- Consider Your Uses – Consider how you consume cherry juice and look for containers that fit that size so you can freeze it in increments that fit your lifestyle.
- Make Lollies by filling a lollipop mold halfway with cherry juice and freezing it. It’s a deliciously refreshing summer snack that you can be sure isn’t full of garbage.
How to Freeze Cherry Juice Ice Cubes?
It would help if you had some ice cube trays, a large freezer bag, and a sharpie for this method.
Pour into Ice Cubes: Fill the portions of the ice cube tray with cherry juice. Because the cherry juice will expand as it freezes and may pour into your freezer, leave a small gap at the top of each piece.
Freeze: Gently place the ice cube trays in the freezer. Keep them flat to prevent the juice from spilling, and then place them in the freezer for a couple of hours. Before moving on to the following stage, the cherry juice must be thoroughly frozen.
Place the bag in the freezer and label it with the date.
You may open the bag whenever you need a cherry ice cube or two and take out what you need before resealing the bag and returning the remainder to the freezer.
Bag Up: Remove the ice cubes from the freezer and pop them out of the tray once they have frozen. Fill a freezer bag halfway with cherry juice ice cubes and close it tightly.
How Long Can You Freeze Cherry Juice?
Not only does cherry juice have a wide range of applications, but it can also be kept for a long time! You may freeze cherry juice for up to twelve months without worrying about the taste or quality diminishing as long as you freeze it properly. Yes, cherry juice can be frozen for up to a year. Large quantities can be frozen in freezer bags, while tiny amounts can be frozen in an ice cube tray. The good news is that you can freeze both homemade and store-bought cherry juice.
How to Freeze Larger Portions of Cherry Juice?
Make sure your cherry juice is in a container that you can quickly pour from or use a spoon to help you. A permanent marker, freezer bags, or a container with a tight top are also required.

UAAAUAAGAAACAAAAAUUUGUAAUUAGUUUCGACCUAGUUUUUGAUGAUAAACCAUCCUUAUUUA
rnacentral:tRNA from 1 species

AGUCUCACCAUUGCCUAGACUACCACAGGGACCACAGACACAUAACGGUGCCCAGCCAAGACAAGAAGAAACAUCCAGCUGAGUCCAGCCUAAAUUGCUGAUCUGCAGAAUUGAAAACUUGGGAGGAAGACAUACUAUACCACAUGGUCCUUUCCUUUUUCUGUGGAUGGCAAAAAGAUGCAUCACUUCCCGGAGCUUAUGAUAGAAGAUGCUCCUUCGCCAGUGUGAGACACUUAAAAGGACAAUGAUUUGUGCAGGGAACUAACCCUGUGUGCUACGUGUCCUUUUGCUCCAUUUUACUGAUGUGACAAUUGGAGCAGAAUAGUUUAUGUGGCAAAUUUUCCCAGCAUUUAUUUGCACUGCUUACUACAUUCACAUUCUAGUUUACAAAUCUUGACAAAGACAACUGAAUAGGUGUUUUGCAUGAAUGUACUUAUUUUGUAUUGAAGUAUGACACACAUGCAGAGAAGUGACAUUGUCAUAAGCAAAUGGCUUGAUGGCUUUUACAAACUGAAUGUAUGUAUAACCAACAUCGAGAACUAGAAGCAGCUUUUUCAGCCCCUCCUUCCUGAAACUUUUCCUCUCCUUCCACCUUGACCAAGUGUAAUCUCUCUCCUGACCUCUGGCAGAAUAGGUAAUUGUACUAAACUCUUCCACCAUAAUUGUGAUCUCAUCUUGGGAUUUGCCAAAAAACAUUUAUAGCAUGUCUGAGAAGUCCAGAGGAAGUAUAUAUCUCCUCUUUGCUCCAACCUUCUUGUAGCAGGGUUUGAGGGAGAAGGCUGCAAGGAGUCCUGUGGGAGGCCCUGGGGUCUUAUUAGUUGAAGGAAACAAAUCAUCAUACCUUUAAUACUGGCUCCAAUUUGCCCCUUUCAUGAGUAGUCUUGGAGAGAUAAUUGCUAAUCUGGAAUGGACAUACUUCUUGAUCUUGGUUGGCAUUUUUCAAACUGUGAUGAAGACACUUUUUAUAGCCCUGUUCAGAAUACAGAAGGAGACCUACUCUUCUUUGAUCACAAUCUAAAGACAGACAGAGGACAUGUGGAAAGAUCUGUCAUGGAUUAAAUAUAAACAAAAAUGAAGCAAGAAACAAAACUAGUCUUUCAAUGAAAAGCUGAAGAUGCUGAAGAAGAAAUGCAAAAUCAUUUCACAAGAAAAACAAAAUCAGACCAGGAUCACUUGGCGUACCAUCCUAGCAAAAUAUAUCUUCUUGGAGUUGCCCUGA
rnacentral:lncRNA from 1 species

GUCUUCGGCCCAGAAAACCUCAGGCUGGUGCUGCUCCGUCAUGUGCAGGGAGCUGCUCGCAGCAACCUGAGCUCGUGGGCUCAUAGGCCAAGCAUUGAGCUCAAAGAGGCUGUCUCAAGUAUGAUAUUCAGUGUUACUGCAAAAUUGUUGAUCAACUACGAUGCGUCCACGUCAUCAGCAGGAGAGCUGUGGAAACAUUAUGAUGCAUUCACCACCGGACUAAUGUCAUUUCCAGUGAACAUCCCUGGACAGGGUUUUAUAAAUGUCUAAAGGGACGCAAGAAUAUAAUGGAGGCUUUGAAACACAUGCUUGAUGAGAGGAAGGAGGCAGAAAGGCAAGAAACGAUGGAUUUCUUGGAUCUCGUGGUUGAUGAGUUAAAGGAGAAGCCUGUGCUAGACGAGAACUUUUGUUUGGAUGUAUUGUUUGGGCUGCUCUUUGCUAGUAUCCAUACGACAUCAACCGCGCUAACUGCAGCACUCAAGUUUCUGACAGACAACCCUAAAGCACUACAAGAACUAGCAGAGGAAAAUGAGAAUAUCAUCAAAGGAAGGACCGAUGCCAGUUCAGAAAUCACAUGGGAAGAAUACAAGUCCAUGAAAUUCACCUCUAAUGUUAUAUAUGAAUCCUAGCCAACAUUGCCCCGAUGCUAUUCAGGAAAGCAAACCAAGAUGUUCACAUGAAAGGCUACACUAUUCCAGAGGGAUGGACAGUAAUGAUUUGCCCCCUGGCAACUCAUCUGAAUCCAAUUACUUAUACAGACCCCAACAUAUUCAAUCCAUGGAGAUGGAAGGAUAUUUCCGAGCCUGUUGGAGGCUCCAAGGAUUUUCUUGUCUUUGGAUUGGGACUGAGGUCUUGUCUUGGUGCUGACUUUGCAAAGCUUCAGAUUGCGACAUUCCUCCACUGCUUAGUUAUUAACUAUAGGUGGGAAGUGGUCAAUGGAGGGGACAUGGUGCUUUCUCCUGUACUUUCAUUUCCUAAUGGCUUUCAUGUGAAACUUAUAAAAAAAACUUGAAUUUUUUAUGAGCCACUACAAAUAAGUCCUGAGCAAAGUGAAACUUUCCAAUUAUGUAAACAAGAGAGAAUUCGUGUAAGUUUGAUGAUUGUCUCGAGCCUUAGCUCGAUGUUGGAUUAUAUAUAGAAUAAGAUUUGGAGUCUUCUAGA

Label: Make a note of the contents and the date on your freezer bags. If possible, do this before adding the cherry juice, as labeling the bags once they contain liquid becomes very difficult.
Portion: Ladle or pour a portion of cherry juice into each freezer bag or container.
Seal: Seal the bags tightly or pop the lid onto the container. You can add a second bag to ensure you don’t get any spills in the freezer.
Freeze: Carefully place the bags or containers in the freezer. If you’re using freezer bags, be extra cautious about keeping them upright. If you have a large Tupperware container, you may freeze the bags standing erect.
Drinking sour cherry juice has been demonstrated in certain studies to help persons with osteoarthritis reduce inflammation, joint discomfort, and stiffness. In those with gout, the juice may lower uric acid levels, lessening the chance of an attack. Gout attacks can be reduced by drinking tart cherry juice or eating sour cherries. This natural gout cure contains anthocyanins, red-purple pigments with potent antioxidant and anti-inflammatory qualities, and is thought to protect against gout. Cherries are high in biotin, potassium, vitamins A and C, among other nutrients.
Furthermore, cherry juice has been shown to neutralize and remove uric acid crystals in the body, which are linked to gout (see this page on cherry juice for gout). Commercially made bottled cherry juice is available, although there are drawbacks, such as the possibility of purchasing cherry juice that contains very few cherries. Depending on the species, wild species fruits are spherical, tiny, black or red, sweet or acidic. As the name implies, the flavor distinguishes sweet cherry from acid. The sweet cherry has a sweet flavor, while the acid has a strong acid flavor.